The most fundamental problem in college admission is definitional: No one in college admission can really tell you what they’re looking for in applicants. Oh, we have a general idea, of course: Academically accomplished, intellectually curious, quick on the uptake, creative, a great writer or artist or musician.  You get the picture.  But we can’t really define “it.”

And yet, we have a test to help us find it.

We have other tests, of course: Suppose you are testing for leukemia in children. You know what the “it” that you seek is.  However, the test you design is very different than the one you might design for the academic “it.”  Let me elaborate.

Imagine a grid like this.  For each test you take, there are four outcomes: Either you have the disease or you don’t; and the test comes back either positive or negative.

If you don’t have the disease, but the test comes back positive (Square 1), you usually take another test, or have some additional medical exploration.  This false positive is inconvenient and costly, but not horrible.  Square 2 is bad news, but at least you know about the disease, and can seek treatment.  Square 3 is the most common, and of course the best news: You get a clean bill of health, and in reality, you aren’t sick.  But look at square 4: You have the disease, but the test indicates you don’t.  The “false negative” leads you to believe you’re  healthy, but you’re not.  It is the worst of all outcomes, and people who create medical tests strive to make this outcome as unlikely as possible, even at the expense of accuracy in the other squares.  You can thank our legal system for that.

Because  the academic “it” is nebulous, the creators of standardized tests, of course, have no need to minimize false negatives (presumably, it’s hard to sue when a test doesn’t detect something you can’t define in the first place). But this nebulous thing that the test can’t measure, and that we can’t define, is precisely the thing we’re trying to reward. So, college admissions officers attempt to minimize the risk of a false positive (Square 1): That is, selecting a student who doesn’t have “it,” whatever that “it” happens to be. After all, it’s possible you’ve faked your way through four years of high school by just acting smart, or so some people seem to think.  The test will tell us if you’re the real deal or not.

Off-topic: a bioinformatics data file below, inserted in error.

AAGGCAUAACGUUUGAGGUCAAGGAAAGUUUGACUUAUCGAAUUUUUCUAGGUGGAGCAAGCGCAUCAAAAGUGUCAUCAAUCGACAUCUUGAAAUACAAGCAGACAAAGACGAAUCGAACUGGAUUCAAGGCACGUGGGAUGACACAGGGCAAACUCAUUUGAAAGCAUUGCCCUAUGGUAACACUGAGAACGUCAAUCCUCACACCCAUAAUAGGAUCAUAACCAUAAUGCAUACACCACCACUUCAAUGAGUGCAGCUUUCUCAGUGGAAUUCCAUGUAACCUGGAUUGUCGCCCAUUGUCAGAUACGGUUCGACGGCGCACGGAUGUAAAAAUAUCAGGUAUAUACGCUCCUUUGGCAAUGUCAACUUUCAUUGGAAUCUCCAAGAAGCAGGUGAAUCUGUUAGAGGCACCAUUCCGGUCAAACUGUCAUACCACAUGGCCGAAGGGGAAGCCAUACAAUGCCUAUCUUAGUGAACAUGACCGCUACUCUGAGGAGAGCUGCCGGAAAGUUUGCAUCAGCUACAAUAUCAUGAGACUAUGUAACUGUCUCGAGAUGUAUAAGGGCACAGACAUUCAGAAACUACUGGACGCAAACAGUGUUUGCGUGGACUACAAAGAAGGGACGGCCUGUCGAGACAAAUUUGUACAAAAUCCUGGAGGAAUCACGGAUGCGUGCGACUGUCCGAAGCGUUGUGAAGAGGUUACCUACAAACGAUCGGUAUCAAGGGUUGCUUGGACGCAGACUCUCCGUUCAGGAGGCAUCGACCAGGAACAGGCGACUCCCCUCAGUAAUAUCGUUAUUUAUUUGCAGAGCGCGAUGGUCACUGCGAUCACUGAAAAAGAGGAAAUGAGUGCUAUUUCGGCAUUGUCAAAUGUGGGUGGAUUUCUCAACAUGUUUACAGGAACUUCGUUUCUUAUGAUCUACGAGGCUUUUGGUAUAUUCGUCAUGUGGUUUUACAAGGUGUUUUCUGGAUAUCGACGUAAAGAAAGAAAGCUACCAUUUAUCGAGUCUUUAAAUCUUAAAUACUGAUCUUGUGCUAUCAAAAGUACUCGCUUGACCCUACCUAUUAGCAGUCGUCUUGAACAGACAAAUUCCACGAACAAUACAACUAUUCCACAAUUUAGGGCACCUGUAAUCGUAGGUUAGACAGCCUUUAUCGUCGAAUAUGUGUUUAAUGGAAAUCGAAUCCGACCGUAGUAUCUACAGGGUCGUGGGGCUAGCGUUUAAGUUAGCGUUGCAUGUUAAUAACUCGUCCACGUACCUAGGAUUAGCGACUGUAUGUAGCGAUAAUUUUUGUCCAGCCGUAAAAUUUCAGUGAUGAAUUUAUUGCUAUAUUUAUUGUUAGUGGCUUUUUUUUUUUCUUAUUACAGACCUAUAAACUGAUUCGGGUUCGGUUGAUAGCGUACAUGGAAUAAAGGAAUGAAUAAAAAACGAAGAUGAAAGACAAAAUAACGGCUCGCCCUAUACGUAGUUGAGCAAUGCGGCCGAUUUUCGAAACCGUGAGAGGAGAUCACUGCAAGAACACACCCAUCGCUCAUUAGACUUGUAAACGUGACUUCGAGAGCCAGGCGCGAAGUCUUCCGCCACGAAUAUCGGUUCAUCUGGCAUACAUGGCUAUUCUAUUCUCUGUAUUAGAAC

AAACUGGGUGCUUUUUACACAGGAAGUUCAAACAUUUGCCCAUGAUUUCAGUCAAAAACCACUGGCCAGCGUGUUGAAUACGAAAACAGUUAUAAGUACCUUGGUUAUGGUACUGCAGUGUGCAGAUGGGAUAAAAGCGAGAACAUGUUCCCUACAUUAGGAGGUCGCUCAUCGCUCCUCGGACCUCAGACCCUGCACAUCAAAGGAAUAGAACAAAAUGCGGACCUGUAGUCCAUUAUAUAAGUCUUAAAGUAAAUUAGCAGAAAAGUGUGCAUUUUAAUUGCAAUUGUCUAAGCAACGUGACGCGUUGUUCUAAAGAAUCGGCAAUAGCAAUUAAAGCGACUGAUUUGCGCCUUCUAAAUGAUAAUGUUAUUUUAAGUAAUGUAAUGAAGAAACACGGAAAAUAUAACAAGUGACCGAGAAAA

This is confirmation bias in operation.  Because the tests have low false positives, we see high scorers and believe they must have “it.”  Usually, we’re right (in other words, we don’t know a lot of high scorers who seem intellectually or academically challenged, so a high score confirms the GPA).  The problem comes when we extend that logic, and say that if you don’t score well on standardized tests, you must not have  “it.”  This is called the contra-positive, and it causes people to make logical errors all the time.

Think of it this way:

You can say, “If that’s a poodle, it must be a dog.”  Does it then follow that,”If that’s not a poodle, it can’t be a dog?”  Of course not.  Replace “poodle” with “high scorer” and “dog” with “smart.”  See?  Simple.

And there you have it: The SAT is prized simply because admissions officers believe–and perhaps because daily experience has confirmed to our satisfaction–that it has a very low incidence of false positives. But in trying so hard to avoid false positives, colleges and universities miss an awful lot of talented students who should be in college.

And we think that’s wrong.